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The Magical Worlds of Harry Potter: A Treasury of Myths, Legends, and Fascinating Facts PDF, ePub eBook

4.6 out of 5
30 review

The Magical Worlds of Harry Potter: A Treasury of Myths, Legends, and Fascinating Facts

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The Magical Worlds of Harry Potter: A Treasury of Myths, Legends, and Fascinating Facts PDF, ePub eBook J.K. Rowling fills her books with references to history, myths, legends and literature. This text presents the stories behind the stories. It includes encounters with wizards like Circe and Merlin, and real-life alchemists of the middle ages. Adding to the experience are writers as varied as William Shakespeare, Gustave Flaubert, Charles Dickens, Ovid, John Donne, J.R.R. T J.K. Rowling fills her books with references to history, myths, legends and literature. This text presents the stories behind the stories. It includes encounters with wizards like Circe and Merlin, and real-life alchemists of the middle ages. Adding to the experience are writers as varied as William Shakespeare, Gustave Flaubert, Charles Dickens, Ovid, John Donne, J.R.R. Tolkien and Ursula K. Le Guin.

30 review for The Magical Worlds of Harry Potter: A Treasury of Myths, Legends, and Fascinating Facts

  1. 4 out of 5

    Eric Boot

    I read another book about Harry Potter recently (The Sorcerer's Companion) which was pretty boring. This book contained so much fun facts and interesting information about my favourite book world. I just loved it.

  2. 5 out of 5

    Cintia

    I read this book when I was a kid, if I remember correctly, I would be around 12 years old. Back then everything that had Harry Potter related to it was a must read (and it still does, but that's another day's tale). And although this book wasn't authorized by J. K. Rowling, it contains an amazing, impeccable research. It covers from The Sorcerer's Stone to The Goblet of Fire, as it was written when those four were the only published books yet. I learned a lot of mythology and literature, from a I read this book when I was a kid, if I remember correctly, I would be around 12 years old. Back then everything that had Harry Potter related to it was a must read (and it still does, but that's another day's tale). And although this book wasn't authorized by J. K. Rowling, it contains an amazing, impeccable research. It covers from The Sorcerer's Stone to The Goblet of Fire, as it was written when those four were the only published books yet. I learned a lot of mythology and literature, from all over the world. But as someone who read Harry Potter as a child, it killed the magic a bit... It is like when the magician reveals his tricks. But still, very good. *If you like what you read, you can find me in my blog for more reviews and other articles: http://abookandateacup.blogspot.com.ar/*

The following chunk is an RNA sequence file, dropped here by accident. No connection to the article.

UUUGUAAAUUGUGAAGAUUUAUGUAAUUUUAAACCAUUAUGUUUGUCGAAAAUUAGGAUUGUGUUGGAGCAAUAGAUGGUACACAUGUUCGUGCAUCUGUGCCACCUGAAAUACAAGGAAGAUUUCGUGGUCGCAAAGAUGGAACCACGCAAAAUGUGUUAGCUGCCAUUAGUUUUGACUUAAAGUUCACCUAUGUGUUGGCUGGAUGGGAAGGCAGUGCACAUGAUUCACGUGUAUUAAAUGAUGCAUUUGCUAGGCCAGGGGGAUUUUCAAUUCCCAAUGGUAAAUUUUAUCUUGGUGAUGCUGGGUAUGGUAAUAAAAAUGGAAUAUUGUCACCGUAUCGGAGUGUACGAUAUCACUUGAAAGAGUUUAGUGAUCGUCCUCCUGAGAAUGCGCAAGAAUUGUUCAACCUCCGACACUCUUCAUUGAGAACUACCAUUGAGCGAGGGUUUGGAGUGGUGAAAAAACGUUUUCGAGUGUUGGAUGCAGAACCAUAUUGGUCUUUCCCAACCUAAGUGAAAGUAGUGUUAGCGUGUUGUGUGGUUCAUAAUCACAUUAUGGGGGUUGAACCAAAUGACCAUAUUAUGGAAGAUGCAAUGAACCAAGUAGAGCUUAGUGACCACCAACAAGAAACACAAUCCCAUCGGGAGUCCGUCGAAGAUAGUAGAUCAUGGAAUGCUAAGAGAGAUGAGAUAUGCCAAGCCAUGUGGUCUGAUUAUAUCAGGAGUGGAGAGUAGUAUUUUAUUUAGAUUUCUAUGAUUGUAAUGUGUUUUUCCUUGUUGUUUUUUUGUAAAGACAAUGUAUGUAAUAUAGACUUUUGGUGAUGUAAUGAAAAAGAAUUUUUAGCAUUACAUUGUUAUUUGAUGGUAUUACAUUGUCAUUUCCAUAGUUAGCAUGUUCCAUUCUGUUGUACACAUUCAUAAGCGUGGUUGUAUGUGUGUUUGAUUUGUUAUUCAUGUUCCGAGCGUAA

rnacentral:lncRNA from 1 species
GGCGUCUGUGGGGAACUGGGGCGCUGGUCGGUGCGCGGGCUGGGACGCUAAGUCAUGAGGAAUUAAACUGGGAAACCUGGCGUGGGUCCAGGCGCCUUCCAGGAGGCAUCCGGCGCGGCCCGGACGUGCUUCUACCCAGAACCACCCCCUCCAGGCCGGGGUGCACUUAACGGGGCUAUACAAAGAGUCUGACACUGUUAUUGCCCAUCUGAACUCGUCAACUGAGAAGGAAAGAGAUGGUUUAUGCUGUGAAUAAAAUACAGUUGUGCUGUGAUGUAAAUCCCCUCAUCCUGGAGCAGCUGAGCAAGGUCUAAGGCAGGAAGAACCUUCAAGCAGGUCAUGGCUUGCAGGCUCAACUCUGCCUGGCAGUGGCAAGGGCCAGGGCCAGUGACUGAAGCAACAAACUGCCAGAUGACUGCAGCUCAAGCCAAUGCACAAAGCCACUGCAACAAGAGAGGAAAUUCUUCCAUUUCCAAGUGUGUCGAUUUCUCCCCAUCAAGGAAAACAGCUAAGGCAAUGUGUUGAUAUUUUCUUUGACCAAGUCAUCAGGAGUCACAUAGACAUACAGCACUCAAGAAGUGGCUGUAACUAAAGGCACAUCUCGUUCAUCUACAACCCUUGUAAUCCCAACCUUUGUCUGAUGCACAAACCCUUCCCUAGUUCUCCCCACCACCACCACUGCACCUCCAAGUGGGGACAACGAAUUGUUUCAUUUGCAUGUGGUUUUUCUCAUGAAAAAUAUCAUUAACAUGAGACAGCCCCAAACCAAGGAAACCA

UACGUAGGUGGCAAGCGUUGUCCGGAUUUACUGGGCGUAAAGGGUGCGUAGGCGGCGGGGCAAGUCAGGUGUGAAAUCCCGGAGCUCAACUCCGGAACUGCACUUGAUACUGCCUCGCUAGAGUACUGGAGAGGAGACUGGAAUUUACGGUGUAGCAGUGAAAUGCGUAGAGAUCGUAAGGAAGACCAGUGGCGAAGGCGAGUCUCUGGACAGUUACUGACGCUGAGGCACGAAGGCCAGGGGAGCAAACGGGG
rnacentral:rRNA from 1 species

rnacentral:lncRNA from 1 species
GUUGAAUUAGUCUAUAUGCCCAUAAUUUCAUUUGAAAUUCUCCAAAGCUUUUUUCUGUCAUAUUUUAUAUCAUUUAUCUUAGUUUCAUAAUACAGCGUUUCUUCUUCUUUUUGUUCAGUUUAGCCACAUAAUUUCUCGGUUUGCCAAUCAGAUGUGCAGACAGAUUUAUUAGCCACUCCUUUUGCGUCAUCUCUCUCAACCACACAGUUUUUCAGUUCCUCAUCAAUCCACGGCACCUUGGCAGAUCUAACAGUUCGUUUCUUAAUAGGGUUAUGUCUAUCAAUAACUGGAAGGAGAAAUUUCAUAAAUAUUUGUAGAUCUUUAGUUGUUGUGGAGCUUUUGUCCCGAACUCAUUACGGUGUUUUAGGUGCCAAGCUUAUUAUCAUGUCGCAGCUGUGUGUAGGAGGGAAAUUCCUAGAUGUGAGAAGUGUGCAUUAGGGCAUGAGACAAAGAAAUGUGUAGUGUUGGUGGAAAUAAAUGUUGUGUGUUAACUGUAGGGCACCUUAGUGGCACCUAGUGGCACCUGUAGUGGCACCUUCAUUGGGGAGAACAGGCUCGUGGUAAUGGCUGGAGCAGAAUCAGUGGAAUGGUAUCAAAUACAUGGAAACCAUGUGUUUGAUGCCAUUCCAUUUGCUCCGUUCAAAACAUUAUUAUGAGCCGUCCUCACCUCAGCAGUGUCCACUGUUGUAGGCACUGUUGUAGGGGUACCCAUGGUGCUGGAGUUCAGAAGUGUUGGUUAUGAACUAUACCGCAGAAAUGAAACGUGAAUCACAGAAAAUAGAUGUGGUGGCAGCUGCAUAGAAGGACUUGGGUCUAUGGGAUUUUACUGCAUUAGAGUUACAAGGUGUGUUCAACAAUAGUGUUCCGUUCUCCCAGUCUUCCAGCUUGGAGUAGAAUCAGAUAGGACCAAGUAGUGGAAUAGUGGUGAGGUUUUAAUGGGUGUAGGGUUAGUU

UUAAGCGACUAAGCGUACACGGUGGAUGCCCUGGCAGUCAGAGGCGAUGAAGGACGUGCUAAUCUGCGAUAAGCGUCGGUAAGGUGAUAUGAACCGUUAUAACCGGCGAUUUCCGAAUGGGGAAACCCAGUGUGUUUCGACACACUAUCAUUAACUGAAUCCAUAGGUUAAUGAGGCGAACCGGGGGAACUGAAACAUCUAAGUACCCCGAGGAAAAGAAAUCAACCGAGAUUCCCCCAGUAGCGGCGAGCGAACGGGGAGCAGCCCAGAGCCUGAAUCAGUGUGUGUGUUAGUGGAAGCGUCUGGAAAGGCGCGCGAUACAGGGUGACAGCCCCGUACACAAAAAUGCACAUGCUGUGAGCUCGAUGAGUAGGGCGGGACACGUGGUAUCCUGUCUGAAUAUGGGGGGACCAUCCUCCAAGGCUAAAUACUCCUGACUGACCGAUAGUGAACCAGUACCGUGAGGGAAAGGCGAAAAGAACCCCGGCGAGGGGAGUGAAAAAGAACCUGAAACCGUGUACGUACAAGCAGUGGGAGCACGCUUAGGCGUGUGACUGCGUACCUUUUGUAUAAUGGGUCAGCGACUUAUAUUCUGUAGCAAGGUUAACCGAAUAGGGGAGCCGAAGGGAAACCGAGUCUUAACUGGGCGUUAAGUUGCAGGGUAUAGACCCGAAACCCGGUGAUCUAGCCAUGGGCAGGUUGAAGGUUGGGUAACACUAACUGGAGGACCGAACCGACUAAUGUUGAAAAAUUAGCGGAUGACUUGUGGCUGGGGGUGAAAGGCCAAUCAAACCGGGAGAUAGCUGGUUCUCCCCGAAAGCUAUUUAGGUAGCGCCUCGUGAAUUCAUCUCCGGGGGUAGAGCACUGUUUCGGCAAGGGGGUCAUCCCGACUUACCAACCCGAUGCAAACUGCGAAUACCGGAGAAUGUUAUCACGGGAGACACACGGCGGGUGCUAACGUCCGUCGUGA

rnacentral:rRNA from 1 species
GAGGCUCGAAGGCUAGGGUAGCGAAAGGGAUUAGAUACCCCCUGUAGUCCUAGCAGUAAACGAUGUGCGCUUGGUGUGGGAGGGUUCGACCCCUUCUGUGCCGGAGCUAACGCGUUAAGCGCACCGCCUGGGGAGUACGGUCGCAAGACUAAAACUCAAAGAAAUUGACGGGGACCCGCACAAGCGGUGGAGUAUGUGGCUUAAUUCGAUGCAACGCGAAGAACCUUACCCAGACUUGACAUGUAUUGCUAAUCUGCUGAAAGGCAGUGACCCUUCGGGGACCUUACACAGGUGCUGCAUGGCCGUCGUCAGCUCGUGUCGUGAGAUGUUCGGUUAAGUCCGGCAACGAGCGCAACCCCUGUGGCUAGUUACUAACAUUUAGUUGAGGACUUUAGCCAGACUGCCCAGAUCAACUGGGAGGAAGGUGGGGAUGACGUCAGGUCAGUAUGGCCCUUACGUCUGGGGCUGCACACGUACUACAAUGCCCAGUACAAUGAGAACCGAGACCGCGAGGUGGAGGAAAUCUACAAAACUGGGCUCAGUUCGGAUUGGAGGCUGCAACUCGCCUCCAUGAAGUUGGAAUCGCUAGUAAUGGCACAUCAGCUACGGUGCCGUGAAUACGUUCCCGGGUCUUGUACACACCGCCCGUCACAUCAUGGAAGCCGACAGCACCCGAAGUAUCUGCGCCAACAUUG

3. 4 out of 5

    Stephanie S.

    This book is very informative. It identifies all of the elements in the Harry Potter books that come from actual literature or history. It tells the origin of many names and words in the books. It also shows how many of the creatures such as hippogriffs, manticores, and sphinxes are actually mythical creatures that have been around for a long time. It also points out many things you would not have noticed in the books. For example, in book one, the Mirror of Erised isinscribed with the words "Er This book is very informative. It identifies all of the elements in the Harry Potter books that come from actual literature or history. It tells the origin of many names and words in the books. It also shows how many of the creatures such as hippogriffs, manticores, and sphinxes are actually mythical creatures that have been around for a long time. It also points out many things you would not have noticed in the books. For example, in book one, the Mirror of Erised isinscribed with the words "Erised stra ehru oyt ube cafru oyt on wohsi". Just gibberish or some dead language like Latin right? Wrong. This book points out that backwards, the words read "I show not your face but your hearts desire." Interesting, eh? Read this book for even more interesting things you didn't know about the Harry Potter world.